Recent reports that Apple's iPhone 5 and iPad 2 will support Near Field Communications technology sparked yet another round of chatter about how so-called e-wallets soon will be the death knell for the leather variety.
Now no one is disputing that contactless payment systems are coming to a smartphone near you. But one story started this way: "The next generation of iPhones and iPads will be able to replace your wallet."
IPHONE-AS-WALLET: What you should know before taking the plunge
Another said: "NFC technology means that your phone will pretty much be able to replace your wallet. Instead of carrying around credit cards, you'll just be able to tap your phone to pay for items."
Offered yet another: "This is, of course, absolutely huge. We've been waiting 10 years to be able to use our phones as a wallet."
I understand that some of you have, but we have not. More to the point, even if I had been long pining for this functionality, neither that longing nor the arrival of the functionality would allow me to lose the leather.
Let's take a look inside the wallet of the present that my phone of the future is itching to send to the dump:
There's a loyalty card from a major grocery chain that I'm sure is capable of someday allowing me to pay for my groceries with the phone I'll someday own (right now the process of paying with my bank debit card takes an exhausting 10 seconds). However, I also shop regularly at a mom-and-pop grocer that can barely transact business electronically, never mind accommodate the mobile industry's vision of a wallet without bovine intervention.
Here's another loyalty card from a major home improvement chain; again, perfectly capable of contactless commerce. But I also shop at its big-box competitor and a small hardware store. All three will recognize my future e-wallet when?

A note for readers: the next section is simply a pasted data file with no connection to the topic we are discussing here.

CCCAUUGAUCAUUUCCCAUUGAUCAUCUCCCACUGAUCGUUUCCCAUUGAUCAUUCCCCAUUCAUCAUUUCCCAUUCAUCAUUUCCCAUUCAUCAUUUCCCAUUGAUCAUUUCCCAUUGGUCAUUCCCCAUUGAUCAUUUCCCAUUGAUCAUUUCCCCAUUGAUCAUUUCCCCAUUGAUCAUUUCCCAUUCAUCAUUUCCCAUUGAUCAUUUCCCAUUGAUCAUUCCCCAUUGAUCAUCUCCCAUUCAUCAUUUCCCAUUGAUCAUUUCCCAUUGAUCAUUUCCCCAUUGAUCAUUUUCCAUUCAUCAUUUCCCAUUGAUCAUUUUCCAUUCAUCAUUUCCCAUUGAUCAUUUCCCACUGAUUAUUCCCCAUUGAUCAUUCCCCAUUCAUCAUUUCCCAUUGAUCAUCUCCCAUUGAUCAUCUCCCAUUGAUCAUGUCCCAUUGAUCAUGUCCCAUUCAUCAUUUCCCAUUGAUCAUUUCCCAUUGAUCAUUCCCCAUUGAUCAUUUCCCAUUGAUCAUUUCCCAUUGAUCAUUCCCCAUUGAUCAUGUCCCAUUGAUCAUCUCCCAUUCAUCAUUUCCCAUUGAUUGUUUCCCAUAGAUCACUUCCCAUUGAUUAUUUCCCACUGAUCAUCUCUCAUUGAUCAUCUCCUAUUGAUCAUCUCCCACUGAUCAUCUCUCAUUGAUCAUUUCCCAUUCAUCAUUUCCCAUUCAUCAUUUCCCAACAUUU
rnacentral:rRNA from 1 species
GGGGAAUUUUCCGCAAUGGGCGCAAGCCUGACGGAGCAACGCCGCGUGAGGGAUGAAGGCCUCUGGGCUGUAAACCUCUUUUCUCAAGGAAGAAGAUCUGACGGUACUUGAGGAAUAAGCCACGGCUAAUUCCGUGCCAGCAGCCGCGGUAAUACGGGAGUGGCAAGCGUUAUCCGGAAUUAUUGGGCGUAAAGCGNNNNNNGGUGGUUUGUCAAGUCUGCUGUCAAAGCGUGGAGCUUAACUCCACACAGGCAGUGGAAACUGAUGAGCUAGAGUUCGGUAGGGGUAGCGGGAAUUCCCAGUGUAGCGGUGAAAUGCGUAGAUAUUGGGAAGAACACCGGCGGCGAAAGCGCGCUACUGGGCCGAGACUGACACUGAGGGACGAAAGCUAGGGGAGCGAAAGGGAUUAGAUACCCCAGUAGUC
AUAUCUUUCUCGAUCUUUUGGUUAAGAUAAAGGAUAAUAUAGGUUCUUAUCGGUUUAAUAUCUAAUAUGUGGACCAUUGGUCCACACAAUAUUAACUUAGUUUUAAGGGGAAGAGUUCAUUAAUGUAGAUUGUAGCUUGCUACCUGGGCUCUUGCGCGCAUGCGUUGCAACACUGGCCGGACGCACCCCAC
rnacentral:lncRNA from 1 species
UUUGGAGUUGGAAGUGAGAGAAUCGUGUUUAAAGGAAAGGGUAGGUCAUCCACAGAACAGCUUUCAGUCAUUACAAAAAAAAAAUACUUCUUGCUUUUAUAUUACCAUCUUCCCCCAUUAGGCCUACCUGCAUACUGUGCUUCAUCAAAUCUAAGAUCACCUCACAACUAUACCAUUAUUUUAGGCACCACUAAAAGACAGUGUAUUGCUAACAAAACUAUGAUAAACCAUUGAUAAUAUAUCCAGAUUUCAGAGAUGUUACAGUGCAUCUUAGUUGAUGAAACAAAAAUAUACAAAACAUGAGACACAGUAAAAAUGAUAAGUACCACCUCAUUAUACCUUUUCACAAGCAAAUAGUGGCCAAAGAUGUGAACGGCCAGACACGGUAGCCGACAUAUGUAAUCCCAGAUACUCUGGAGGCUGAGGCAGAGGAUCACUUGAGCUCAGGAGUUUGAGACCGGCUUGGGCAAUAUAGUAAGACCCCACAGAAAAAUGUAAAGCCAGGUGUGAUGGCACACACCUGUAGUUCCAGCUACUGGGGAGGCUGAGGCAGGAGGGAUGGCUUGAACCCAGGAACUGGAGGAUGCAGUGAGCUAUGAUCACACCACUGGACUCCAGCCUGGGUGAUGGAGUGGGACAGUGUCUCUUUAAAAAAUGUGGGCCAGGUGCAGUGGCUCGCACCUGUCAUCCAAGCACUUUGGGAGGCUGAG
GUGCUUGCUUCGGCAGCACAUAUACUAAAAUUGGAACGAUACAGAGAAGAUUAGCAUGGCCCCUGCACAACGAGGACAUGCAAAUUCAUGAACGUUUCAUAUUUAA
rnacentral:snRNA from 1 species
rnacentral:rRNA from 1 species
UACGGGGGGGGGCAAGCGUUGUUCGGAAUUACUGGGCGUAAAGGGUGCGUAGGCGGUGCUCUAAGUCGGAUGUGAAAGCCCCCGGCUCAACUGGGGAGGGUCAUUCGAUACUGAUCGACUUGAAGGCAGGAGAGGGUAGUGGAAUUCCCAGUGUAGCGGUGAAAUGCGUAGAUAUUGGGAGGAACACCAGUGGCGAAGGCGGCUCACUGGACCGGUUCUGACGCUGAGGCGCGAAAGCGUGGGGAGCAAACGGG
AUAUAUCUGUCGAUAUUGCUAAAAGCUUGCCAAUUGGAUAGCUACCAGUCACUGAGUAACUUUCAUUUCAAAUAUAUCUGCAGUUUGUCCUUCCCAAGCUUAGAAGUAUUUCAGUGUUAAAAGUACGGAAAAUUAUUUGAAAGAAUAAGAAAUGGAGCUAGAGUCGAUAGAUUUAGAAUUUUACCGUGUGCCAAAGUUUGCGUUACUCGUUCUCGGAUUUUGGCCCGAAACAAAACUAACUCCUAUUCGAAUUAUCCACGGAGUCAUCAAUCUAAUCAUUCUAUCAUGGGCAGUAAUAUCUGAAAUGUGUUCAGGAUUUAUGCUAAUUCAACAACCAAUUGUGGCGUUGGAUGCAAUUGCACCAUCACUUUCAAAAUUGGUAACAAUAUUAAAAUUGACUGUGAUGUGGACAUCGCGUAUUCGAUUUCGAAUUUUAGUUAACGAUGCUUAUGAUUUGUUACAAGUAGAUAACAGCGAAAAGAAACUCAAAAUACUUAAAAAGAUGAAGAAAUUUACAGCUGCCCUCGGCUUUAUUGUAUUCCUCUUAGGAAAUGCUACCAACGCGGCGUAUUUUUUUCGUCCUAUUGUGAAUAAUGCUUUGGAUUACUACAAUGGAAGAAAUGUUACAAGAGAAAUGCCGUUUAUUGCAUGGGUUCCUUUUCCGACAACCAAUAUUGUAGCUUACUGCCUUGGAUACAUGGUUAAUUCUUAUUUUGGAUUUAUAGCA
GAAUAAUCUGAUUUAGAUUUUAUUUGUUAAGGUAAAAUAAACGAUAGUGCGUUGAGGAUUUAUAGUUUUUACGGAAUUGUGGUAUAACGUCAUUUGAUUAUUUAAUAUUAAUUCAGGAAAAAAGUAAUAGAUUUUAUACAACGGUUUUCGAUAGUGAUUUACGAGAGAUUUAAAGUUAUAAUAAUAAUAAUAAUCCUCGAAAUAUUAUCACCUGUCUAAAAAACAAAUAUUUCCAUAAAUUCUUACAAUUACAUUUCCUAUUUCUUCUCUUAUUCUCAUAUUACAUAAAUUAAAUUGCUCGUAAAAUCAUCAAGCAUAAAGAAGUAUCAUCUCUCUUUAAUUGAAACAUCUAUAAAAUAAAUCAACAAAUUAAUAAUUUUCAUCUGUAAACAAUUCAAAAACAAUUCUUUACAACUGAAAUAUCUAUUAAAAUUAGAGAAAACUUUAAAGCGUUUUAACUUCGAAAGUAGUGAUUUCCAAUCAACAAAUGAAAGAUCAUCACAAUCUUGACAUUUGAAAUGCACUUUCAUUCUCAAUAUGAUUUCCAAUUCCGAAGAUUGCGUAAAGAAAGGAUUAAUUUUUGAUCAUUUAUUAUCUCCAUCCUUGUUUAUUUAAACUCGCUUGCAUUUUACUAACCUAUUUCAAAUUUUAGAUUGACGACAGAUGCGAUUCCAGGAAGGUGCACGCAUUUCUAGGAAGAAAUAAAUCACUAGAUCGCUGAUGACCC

I have a library card. My small-town library is relatively tech-savvy, too, but right now its biggest priority is raising funds for a sorely needed bigger building. Yes, the new library - if and when it is built - should feature plenty of cutting-edge technology, but I'm going to venture a guess that allowing patrons to check out books using their smartphones will not be high on the list of priorities. (It had better not be if they want taxpayers to pony up.)
Bank of America, American Express, VISA and AAA can all be counted on to help me break from the shackles of my wallet ... eventually.
But after my future phone and my carrier and all of these merchants and institutions have synched up to render my wallet obsolete ... we're still left with a couple of issues.
There's my health-insurance card. My primary care physician still uses paper, manila folders and filing cabinets. I look forward to his office assistant's laugh when I break out the smartphone.
And now for the two biggies:
How soon will the police officer who just stopped me for speeding say, "iPhone and registration, please"?
And, finally, the most obvious fly in the e-wallet ointment: cash. Don't tell me I won't need to carry any - not in this lifetime. But do tell me why I'd want to carry it in something other than my wallet.
What's in your wallet? The address is firstname.lastname@example.org.
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This story, "Why an E-wallet Won't Replace My Leather One" was originally published by Network World.